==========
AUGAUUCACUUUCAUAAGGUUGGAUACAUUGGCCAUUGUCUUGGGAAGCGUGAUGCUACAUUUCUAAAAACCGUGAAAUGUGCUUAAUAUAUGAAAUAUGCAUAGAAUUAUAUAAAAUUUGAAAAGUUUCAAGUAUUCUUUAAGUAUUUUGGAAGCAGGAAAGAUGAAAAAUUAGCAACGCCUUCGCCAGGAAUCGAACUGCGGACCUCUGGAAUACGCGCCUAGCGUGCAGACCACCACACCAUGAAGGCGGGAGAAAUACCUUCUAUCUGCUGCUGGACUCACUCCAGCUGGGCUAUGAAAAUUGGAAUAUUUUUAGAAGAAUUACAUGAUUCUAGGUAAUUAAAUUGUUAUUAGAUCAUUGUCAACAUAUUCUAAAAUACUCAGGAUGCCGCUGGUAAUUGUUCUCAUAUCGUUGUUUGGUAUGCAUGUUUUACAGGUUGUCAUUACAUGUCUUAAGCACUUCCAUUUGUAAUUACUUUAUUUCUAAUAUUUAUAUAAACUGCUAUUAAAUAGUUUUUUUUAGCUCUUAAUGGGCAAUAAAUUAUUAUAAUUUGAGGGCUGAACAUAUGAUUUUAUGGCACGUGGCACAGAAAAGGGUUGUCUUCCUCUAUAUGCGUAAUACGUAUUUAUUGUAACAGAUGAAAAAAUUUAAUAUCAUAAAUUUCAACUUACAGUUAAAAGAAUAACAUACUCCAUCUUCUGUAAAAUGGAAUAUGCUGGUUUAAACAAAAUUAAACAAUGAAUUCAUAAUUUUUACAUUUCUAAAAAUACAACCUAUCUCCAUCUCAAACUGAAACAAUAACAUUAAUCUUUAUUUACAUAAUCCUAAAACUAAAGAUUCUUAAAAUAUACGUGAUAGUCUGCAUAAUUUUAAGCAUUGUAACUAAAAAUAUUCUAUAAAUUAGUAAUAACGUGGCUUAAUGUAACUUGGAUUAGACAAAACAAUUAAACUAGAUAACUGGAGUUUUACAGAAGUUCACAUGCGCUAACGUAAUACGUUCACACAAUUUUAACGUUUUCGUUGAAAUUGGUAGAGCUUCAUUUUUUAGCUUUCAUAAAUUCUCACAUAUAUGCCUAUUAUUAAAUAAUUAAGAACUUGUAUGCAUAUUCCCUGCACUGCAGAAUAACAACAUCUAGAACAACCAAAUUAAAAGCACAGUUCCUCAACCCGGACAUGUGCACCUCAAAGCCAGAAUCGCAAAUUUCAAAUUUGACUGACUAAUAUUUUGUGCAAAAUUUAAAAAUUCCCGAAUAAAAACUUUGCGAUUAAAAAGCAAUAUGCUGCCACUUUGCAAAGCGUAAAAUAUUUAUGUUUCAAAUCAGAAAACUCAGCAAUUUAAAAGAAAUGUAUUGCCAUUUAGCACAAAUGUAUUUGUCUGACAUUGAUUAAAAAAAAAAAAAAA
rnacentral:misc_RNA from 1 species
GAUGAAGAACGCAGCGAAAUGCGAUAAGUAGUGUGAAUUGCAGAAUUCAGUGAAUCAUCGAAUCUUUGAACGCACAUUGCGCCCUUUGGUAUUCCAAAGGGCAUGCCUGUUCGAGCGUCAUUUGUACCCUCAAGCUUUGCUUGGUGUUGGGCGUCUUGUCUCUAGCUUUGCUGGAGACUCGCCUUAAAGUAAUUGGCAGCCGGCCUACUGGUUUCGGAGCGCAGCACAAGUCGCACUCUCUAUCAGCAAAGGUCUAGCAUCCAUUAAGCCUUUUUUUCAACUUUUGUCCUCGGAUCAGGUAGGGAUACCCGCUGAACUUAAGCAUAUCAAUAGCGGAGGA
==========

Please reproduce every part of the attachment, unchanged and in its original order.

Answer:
AUGAUUCACUUUCAUAAGGUUGGAUACAUUGGCCAUUGUCUUGGGAAGCGUGAUGCUACAUUUCUAAAAACCGUGAAAUGUGCUUAAUAUAUGAAAUAUGCAUAGAAUUAUAUAAAAUUUGAAAAGUUUCAAGUAUUCUUUAAGUAUUUUGGAAGCAGGAAAGAUGAAAAAUUAGCAACGCCUUCGCCAGGAAUCGAACUGCGGACCUCUGGAAUACGCGCCUAGCGUGCAGACCACCACACCAUGAAGGCGGGAGAAAUACCUUCUAUCUGCUGCUGGACUCACUCCAGCUGGGCUAUGAAAAUUGGAAUAUUUUUAGAAGAAUUACAUGAUUCUAGGUAAUUAAAUUGUUAUUAGAUCAUUGUCAACAUAUUCUAAAAUACUCAGGAUGCCGCUGGUAAUUGUUCUCAUAUCGUUGUUUGGUAUGCAUGUUUUACAGGUUGUCAUUACAUGUCUUAAGCACUUCCAUUUGUAAUUACUUUAUUUCUAAUAUUUAUAUAAACUGCUAUUAAAUAGUUUUUUUUAGCUCUUAAUGGGCAAUAAAUUAUUAUAAUUUGAGGGCUGAACAUAUGAUUUUAUGGCACGUGGCACAGAAAAGGGUUGUCUUCCUCUAUAUGCGUAAUACGUAUUUAUUGUAACAGAUGAAAAAAUUUAAUAUCAUAAAUUUCAACUUACAGUUAAAAGAAUAACAUACUCCAUCUUCUGUAAAAUGGAAUAUGCUGGUUUAAACAAAAUUAAACAAUGAAUUCAUAAUUUUUACAUUUCUAAAAAUACAACCUAUCUCCAUCUCAAACUGAAACAAUAACAUUAAUCUUUAUUUACAUAAUCCUAAAACUAAAGAUUCUUAAAAUAUACGUGAUAGUCUGCAUAAUUUUAAGCAUUGUAACUAAAAAUAUUCUAUAAAUUAGUAAUAACGUGGCUUAAUGUAACUUGGAUUAGACAAAACAAUUAAACUAGAUAACUGGAGUUUUACAGAAGUUCACAUGCGCUAACGUAAUACGUUCACACAAUUUUAACGUUUUCGUUGAAAUUGGUAGAGCUUCAUUUUUUAGCUUUCAUAAAUUCUCACAUAUAUGCCUAUUAUUAAAUAAUUAAGAACUUGUAUGCAUAUUCCCUGCACUGCAGAAUAACAACAUCUAGAACAACCAAAUUAAAAGCACAGUUCCUCAACCCGGACAUGUGCACCUCAAAGCCAGAAUCGCAAAUUUCAAAUUUGACUGACUAAUAUUUUGUGCAAAAUUUAAAAAUUCCCGAAUAAAAACUUUGCGAUUAAAAAGCAAUAUGCUGCCACUUUGCAAAGCGUAAAAUAUUUAUGUUUCAAAUCAGAAAACUCAGCAAUUUAAAAGAAAUGUAUUGCCAUUUAGCACAAAUGUAUUUGUCUGACAUUGAUUAAAAAAAAAAAAAAA
rnacentral:misc_RNA from 1 species
GAUGAAGAACGCAGCGAAAUGCGAUAAGUAGUGUGAAUUGCAGAAUUCAGUGAAUCAUCGAAUCUUUGAACGCACAUUGCGCCCUUUGGUAUUCCAAAGGGCAUGCCUGUUCGAGCGUCAUUUGUACCCUCAAGCUUUGCUUGGUGUUGGGCGUCUUGUCUCUAGCUUUGCUGGAGACUCGCCUUAAAGUAAUUGGCAGCCGGCCUACUGGUUUCGGAGCGCAGCACAAGUCGCACUCUCUAUCAGCAAAGGUCUAGCAUCCAUUAAGCCUUUUUUUCAACUUUUGUCCUCGGAUCAGGUAGGGAUACCCGCUGAACUUAAGCAUAUCAAUAGCGGAGGA